The future

Ultimate Medical is what’s known as a consumable company. “We sell products that are single use,” explains Dr. Esnouf. “That means high volume, low margin sales. This is opposed to a company that sells capital equipment which is very expensive, but they’ll sell one product to a hospital and won’t be able to sell it again for seven to 10 years.” Ultimate Medical, on the other hand, has product rolling out the door every day, and orders coming in every few minutes. Usually, Esnouf says, companies with models like theirs will grow by introducing generic new product lines – Ultimate Medical, though, has chosen not to do that. “In a generic marketplace, the field is too crowded. If another company can source their product for 10 cents less because they are using a factory in Vietnam rather than China, then we have a big fight on our hands.”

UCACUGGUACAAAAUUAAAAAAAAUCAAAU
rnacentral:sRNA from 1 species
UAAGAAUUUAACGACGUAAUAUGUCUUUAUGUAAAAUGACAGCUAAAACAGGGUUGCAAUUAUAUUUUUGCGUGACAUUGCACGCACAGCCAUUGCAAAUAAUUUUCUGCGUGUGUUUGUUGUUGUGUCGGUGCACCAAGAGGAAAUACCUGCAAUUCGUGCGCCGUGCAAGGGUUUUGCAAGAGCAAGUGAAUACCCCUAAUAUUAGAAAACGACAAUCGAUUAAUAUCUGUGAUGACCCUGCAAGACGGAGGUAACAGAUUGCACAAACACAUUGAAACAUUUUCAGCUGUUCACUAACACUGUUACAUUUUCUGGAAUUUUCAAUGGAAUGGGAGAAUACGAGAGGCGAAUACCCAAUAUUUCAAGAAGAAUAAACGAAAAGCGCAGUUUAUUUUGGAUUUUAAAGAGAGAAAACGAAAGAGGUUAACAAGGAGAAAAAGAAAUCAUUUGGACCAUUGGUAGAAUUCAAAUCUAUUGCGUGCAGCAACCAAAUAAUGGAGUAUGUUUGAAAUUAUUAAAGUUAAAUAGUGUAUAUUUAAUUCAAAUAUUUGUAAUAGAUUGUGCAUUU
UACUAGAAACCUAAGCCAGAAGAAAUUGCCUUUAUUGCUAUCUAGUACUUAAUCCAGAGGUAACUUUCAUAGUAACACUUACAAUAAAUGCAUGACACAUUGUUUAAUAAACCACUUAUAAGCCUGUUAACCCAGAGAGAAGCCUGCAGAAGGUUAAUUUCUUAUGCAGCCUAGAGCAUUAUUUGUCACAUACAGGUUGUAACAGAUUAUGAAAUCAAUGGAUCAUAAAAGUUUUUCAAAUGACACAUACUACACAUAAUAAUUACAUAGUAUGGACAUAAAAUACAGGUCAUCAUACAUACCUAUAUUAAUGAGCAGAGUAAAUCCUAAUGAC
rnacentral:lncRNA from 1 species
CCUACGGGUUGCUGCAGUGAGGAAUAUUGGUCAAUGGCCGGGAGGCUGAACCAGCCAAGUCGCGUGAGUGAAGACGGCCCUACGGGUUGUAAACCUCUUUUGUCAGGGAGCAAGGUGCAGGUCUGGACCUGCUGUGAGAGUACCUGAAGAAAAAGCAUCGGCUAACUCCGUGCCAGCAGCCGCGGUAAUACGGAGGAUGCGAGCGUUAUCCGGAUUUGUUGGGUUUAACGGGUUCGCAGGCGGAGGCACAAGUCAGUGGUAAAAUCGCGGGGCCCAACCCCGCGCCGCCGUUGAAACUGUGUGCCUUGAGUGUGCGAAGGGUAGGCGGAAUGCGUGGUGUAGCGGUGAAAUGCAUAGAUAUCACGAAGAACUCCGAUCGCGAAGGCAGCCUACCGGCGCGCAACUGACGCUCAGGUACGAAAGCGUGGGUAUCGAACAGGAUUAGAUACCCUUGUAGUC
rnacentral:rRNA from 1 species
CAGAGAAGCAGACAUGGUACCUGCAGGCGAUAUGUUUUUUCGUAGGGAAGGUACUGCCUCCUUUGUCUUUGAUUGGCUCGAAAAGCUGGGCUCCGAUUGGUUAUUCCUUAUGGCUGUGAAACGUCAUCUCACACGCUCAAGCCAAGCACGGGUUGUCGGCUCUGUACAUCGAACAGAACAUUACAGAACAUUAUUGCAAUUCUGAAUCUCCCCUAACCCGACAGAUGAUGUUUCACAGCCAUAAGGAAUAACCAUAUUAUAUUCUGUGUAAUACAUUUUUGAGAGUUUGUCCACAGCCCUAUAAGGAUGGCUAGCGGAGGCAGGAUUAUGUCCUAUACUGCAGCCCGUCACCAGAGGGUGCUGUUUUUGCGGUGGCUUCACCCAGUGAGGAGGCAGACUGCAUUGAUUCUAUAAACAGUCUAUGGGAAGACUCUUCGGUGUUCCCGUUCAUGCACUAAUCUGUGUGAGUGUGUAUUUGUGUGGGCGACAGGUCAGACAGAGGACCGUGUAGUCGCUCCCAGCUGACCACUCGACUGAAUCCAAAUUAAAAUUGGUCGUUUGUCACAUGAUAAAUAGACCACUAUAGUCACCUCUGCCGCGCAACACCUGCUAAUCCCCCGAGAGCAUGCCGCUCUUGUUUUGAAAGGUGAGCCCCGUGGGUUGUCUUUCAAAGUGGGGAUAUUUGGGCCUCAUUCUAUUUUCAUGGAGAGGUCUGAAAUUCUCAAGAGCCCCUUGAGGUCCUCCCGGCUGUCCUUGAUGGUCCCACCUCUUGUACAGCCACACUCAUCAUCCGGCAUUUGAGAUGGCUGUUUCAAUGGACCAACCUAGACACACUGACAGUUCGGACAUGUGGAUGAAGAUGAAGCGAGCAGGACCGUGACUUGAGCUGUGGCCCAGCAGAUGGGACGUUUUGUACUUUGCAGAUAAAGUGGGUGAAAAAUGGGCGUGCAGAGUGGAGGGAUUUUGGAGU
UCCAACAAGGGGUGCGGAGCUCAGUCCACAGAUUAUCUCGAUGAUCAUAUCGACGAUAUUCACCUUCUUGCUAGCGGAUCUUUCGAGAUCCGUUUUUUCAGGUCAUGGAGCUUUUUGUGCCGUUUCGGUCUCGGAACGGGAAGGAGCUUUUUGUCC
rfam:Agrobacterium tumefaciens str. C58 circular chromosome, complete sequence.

The key to avoiding that kind of struggle is, once again, designing a unique product. “The focus of the company is developing and designing new products that are different and that have their own niche market, where we don’t have to put up with that generic competition.” Ultimate Medical currently has several new products in the pipeline that Dr. Esnouf says will keep them busy over the next two to three years.

Beyond those immediate years, the world is the limit. “The real endgame for most of these products is to gain access to the global market, and developing these products in Australia is an excellent way of doing that.” Australia is highly regarded the world over in the field of anaesthesia, so if Ultimate Medical can develop products that work there, those products will almost immediately be accepted in the UK, where practices are similar. After that, if the product has merit, Dr. Esnouf says it will not be difficult to get it up and running in the United States, the rest of Europe and Asia. “I think in the long term, as we reach critical mass in terms of size, we will form a relationship with one of the major international medical consumable companies to distribute for us.” That kind of partnership may even occur sooner rather than later. By ‘long term’, Dr.Esnouf says he is thinking closer to three years than 10.